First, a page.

On January 21, Robert B. Sloan, the embattled president of Baylor University, resigned after months of turmoil. While the tumult at this Baptist institution will require Baptists to sort out who they are and what kind of institutions they ought to support, the resignation has far-reaching implications for all Christians, especially Protestants.

Protestants have simply not been able to establish the one thing Sloan has been striving to establish: a first-rate research university that preserves its soul. Vanderbilt, Duke, the University of Chicago, as well as the much older Harvard, Yale, Princeton, and Brown lost their Christian character long ago as they rose to elite status.

Sloan's resignation poses a serious question: Do Protestants have enough confidence in the intellectual claims of the Christian faith to make them relevant to the educational life of a great university? The question asks whether the Protestant faith is intellectually compelling and comprehensive enough to take its place at the table of scholarly conversation, especially in the institutionalized form of a university. The success or failure of Baylor after Sloan will shed much light on that momentous question.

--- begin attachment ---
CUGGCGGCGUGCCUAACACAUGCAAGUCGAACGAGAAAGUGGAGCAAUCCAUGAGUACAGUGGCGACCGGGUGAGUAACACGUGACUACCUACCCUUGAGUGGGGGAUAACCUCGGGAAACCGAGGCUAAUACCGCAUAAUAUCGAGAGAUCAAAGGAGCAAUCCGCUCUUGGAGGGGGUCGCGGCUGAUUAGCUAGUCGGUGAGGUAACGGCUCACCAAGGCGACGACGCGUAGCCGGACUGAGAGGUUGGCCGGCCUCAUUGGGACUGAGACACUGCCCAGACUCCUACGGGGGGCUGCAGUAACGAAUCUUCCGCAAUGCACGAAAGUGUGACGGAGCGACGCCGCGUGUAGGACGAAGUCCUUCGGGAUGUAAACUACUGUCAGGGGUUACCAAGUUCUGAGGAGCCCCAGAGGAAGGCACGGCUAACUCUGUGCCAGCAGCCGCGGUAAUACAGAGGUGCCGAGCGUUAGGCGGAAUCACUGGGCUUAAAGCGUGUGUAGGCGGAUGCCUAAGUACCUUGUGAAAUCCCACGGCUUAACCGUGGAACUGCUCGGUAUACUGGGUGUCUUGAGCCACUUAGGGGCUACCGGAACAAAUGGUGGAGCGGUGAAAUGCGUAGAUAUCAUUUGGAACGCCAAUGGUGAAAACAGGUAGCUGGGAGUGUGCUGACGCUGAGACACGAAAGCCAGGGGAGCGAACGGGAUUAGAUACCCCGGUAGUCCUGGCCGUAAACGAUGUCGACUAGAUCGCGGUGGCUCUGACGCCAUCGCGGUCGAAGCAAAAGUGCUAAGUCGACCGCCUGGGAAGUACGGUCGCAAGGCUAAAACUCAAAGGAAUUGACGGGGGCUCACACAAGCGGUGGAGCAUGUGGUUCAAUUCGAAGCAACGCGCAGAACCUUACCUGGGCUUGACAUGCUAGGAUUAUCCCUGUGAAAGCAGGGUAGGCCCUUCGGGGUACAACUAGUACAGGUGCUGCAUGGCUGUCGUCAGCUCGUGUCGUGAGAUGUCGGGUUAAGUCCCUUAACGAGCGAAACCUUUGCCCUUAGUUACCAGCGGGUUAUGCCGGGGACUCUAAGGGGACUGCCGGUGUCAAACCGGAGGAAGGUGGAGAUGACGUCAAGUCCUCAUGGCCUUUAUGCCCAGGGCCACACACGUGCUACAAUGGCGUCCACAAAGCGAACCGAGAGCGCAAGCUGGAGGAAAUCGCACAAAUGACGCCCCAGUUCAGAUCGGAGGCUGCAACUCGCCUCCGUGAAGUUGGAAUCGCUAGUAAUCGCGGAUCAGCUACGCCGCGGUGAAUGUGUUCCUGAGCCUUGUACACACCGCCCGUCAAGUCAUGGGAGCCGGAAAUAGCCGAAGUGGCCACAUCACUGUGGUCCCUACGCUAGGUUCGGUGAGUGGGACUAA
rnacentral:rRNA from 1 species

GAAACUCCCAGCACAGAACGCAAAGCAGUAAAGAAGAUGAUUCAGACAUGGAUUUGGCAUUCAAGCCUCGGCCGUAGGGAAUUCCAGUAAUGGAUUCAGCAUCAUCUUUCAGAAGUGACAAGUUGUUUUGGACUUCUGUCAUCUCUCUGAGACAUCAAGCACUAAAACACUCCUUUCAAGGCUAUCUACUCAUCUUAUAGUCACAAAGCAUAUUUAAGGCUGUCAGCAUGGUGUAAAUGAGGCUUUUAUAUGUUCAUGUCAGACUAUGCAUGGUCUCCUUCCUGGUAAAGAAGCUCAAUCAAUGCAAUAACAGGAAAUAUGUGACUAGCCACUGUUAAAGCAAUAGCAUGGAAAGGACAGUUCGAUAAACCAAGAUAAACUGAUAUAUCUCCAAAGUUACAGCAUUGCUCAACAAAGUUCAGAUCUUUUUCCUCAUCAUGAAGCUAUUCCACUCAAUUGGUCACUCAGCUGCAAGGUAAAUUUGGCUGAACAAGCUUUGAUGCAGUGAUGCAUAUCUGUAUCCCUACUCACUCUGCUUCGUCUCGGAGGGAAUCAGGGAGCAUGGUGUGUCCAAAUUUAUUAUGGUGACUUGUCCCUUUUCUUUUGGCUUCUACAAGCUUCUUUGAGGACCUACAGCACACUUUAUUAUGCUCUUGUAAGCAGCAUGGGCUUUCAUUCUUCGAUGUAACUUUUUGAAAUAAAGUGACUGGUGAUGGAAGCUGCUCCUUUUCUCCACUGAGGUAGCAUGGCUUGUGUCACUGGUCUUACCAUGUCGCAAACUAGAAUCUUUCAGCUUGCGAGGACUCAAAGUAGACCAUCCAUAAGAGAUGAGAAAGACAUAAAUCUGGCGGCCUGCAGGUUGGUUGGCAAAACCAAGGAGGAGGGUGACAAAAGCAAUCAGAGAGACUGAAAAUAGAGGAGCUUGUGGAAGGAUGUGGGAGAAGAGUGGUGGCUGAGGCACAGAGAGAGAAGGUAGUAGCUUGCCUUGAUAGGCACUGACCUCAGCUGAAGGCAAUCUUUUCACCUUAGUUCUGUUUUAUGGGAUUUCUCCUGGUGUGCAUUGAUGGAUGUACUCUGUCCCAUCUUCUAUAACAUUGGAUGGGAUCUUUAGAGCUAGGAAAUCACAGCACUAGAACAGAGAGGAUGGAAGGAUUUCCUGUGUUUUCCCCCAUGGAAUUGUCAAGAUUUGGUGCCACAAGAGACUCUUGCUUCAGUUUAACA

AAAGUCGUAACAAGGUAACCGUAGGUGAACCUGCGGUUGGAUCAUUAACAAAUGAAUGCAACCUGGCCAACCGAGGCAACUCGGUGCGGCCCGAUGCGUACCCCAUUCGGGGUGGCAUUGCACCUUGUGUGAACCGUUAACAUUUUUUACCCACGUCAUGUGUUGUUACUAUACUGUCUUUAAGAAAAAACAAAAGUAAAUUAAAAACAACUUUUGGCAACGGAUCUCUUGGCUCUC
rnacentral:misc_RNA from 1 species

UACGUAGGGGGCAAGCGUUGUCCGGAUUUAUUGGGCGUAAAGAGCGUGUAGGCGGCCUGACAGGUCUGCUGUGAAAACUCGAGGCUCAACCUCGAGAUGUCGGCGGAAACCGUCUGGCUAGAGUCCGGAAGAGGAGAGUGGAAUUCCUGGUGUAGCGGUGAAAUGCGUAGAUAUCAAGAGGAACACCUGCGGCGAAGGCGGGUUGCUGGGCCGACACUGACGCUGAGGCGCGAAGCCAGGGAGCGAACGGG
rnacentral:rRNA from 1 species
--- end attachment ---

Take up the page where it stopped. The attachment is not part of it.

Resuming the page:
Why the controversy?

Eerily enough, a friend at Baylor had predicted this would happen several months ago, after the Baylor faculty senate unanimously endorsed the Baylor 2012 plan—something they had not done for several years. His prediction seemed counterintuitive. After all, Sloan was the main architect of Baylor 2012—the blueprint for elevating Baylor to the top tier of research institutions in the United States while strengthening its Christian identity. Wouldn't faculty senate support of that plan strengthen Sloan's claim to continue ...

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